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Answers to providers’ common questions about monoclonal antibody (mAb) treatment.

Three mAbs have received Emergency Use Authorization (EUA) from the U.S. Food and Drug Administration (FDA) for patients with mild to moderate COVID-19 who have a high risk of developing complications and becoming seriously ill. In early studies, mAbs have been effective in decreasing the risk of hospitalization for high-risk patients.

These treatments have received EUA from FDA based on the treatments’ potential to reduce high-risk patients’ need for hospitalization. The safety and effectiveness of these treatments continue to be evaluated.

Studies indicate that mAb treatments must be given within 10 days of the onset of symptoms.

Three mAb treatments have received EUA from the FDA: bamlanivimab, the combination of casirivimab and imdevimab, and the combination of bamlanivimab and etesevimab. All are administered via intravenous (IV) infusion.

The three treatments are designed in a very similar way, with the same goal: to bind to a specific place on the spike protein on the SARS-CoV-2 virus and prevent it from attaching to and entering human cells.

The treatments are offered at more than 5,000 infusion locations across the United States. These include hospitals, infusion centers, urgent care clinics, and emergency departments.

Because infusion locations have received varying amounts of mAb treatments, not all locations may be accepting new patients. Before sending their patients to the nearest infusion center, healthcare providers should contact the infusion center to ensure treatments are still available. (See “How do I make a referral for mAb treatment?” below.)

Patients who may qualify for mAb treatment:

a) Have a positive test confirming an infection with the SARS-CoV-2 virus, and

b) Have had mild to moderate symptoms of COVID-19 for 10 days or less, and

c) Meet the FDA’s criteria for high risk of developing more severe symptoms.

For details, visit How Do I Know If I’m High Risk, and What Do I Do Next? on this website.

Possible side effects of bamlanivimab include anaphylaxis (rarely) and infusion-related reactions including nausea, diarrhea, dizziness, headache, itching, and vomiting.

Possible side effects of casirivimab and imdevimab include anaphylaxis (rarely) and infusion-related reactions including fever, chills, hives, itching, and flushing.

Most infusion reactions with mAbs are mild and can be (a) managed by slowing the infusion rate or (b) treated with an antihistamine. However, mAbs may only be administered in settings in which healthcare providers have immediate access to medications to treat a severe infusion reaction, such as anaphylaxis, and the ability to activate the emergency medical system, as necessary.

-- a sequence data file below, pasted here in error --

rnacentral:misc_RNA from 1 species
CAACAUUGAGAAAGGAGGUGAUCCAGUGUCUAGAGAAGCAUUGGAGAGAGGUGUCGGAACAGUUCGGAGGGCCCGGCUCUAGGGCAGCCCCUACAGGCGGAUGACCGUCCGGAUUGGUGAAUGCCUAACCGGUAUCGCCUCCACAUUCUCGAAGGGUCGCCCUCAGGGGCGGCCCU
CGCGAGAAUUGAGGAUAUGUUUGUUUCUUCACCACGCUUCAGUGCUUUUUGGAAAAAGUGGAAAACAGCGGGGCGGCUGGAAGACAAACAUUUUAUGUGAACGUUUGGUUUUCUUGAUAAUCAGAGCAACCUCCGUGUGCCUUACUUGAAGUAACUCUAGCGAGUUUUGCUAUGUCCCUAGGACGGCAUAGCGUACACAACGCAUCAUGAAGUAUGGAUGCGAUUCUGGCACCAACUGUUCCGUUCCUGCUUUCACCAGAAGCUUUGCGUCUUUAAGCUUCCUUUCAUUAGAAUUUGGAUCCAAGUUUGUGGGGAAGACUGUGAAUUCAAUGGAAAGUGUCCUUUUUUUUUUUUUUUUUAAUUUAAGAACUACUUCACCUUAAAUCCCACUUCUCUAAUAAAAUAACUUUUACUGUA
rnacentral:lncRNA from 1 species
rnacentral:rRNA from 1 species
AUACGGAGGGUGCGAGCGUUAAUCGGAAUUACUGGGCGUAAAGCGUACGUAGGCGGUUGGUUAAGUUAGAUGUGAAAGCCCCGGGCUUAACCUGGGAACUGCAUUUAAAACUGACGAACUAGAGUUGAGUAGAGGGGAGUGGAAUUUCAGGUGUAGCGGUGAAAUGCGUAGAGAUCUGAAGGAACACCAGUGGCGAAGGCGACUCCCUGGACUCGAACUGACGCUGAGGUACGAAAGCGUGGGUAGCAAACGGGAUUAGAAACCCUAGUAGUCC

Challenges for providers include: identifying patients in time for them to receive mAb treatment (within 10 days of the onset of symptoms), devoting time to educating patients about these treatments, and referring them to an infusion center.

Challenges for healthcare systems include: the need to set up a dedicated space for IV infusions, taking measures to control infection for COVID-19 patients, and dedicating staff to administer the treatments and monitor mAb patients.

Challenges for patients include possible financial costs. The federal government pays for the mAb treatments, but hospitals may charge for administering the treatments (Medicare covers these costs).

Depending on the product, the entire treatment process typically takes 2 to 4 hours.

a) Review the available infusion locations in your area. Contact the infusion location(s) to learn their required referral procedures and whether they are accepting new patients.

b) Discuss with your qualifying patients that they are at high risk for developing serious symptoms of COVID-19. You also could show them the U.S. Department of Health and Human Services flyer (PDF) about mAb treatments available on the Combat COVID website.

c) Tell your qualifying patients what the treatment process will generally involve, and refer them to the infusion location nearest them that is accepting new patients.

d) If you’re having difficulty locating an infusion site in your area, contact [email protected] for assistance.